Wall Street pension management companies are protesting a decision by agency officials to preserve a 2016 regulation which supporters say will protect retirees’ savings from self-serving sales managers.
On February 3, President Donald Trump directed officials at the Department of Labor to review the regulation “to determine whether it may adversely affect the ability of Americans to gain access to retirement information and financial advice.”
But officials postponed the review until late in the year and set June 9 as the start date for implementation of the regulation, which is dubbed the “diduciary duty” rule because it requires individuals who sell retirement plans to put their customers’ security above their employers’ interest in profits. In other words, salesmen and saleswomen have a “fiduciary duty” to their customers, just as a company’s CEO has a fiduciary duty to the shareholders.
The pushback by agency officials to protect the regulation shows “the ‘Swamp’ is working behind the scenes to scuttle President [Donald] Trump’s agenda,” said Patrick Hynes, president of a D.C. advocacy group, Hynes Communications, which opposes the new regulation. Hynes declined to name the business groups who fund his advocacy.
But the department’s postponement is good because it gives Trump and his populist aides another opportunity to support the rule amid opposition from greedy Wall Street investment companies, said Knut Rostad, president of the Institute for the Fiduciary Standard. The pro-consumer rule can be preserved “if somebody at the highest level gets the president’s ear and gives him the populist view that 95 percent of what he hears from Wall Street is total B.S.,” said Rostad.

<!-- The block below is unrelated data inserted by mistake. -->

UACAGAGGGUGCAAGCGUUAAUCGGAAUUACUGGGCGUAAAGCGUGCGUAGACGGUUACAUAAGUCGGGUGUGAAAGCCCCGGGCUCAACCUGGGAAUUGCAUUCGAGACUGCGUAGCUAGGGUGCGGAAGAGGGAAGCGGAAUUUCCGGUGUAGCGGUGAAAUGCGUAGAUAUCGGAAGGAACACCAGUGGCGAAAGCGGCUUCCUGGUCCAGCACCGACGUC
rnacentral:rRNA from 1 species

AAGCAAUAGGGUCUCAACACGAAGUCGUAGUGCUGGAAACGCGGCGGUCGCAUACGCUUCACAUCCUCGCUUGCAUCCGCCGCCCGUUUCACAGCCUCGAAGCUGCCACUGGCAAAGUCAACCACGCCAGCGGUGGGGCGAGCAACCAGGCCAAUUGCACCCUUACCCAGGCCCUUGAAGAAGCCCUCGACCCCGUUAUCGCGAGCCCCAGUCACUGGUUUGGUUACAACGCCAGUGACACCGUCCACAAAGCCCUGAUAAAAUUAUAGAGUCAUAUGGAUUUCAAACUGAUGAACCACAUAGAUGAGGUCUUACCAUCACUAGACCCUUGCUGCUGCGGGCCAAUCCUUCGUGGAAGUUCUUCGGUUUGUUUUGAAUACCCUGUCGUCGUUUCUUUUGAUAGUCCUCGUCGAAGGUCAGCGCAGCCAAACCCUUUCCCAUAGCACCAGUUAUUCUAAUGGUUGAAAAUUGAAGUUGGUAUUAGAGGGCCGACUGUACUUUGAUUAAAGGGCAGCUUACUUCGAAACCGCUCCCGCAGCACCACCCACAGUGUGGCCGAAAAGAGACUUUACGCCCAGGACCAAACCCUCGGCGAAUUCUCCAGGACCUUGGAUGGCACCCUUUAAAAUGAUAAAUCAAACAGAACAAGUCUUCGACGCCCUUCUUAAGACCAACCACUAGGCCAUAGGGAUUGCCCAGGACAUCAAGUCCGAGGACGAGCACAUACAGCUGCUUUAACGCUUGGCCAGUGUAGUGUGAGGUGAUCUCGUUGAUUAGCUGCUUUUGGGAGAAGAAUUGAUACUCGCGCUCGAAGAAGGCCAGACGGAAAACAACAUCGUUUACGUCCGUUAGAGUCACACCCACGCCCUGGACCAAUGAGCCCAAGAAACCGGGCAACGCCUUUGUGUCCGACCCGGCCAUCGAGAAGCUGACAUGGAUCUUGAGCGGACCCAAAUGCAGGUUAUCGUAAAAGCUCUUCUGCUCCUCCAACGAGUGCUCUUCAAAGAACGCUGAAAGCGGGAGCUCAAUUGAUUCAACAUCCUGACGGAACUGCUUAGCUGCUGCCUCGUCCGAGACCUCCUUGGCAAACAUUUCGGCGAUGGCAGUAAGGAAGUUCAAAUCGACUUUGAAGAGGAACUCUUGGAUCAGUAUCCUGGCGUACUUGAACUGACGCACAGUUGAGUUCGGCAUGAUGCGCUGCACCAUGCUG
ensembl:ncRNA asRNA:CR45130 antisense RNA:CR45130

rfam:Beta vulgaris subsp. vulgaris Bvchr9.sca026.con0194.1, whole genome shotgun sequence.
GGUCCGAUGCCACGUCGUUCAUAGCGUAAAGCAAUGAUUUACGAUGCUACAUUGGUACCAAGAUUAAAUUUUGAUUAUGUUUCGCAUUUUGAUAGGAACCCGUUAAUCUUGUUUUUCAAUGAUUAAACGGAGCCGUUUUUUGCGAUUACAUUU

The agency’s delay “is the only way to change the [current] dynamic, otherwise it is a done deal” that the rule will be killed in late 2017 by Wall Street’s political pressure, he added.
As required by the Administrative Procedure Act, federal officials must follow a complicated process when they are writing or replacing regulations. The new timeline set by the labor department means that the fiduciary rule regulation will operate from June until at least late in the year when the incoming Trump appointees at the department will have an opportunity to review and replace the regulation, said Rostad.
The Department of Labor oversees retirement savings plans because the savings plans are often picked by employers.
The rule has been criticized by major firms — such as Morgan Stanley, Wells Fargo, and Bank of America — but its most vigorous critics are small financial advice firms which are less able to shoulder the burden of increased regulatory costs. Some critics of the rule say it may force smaller firms to back away from providing advice on covered retirement plans. Some of the biggest Wall Street firms, such as Goldman Sachs, would hardly be touched by the role because they do not do a lot of business with the type of retirement plans covered by the new rule.
The rule is opposed by the GOP. For example, no GOP legislators supported the fiduciary rule during an April 2016 House vote.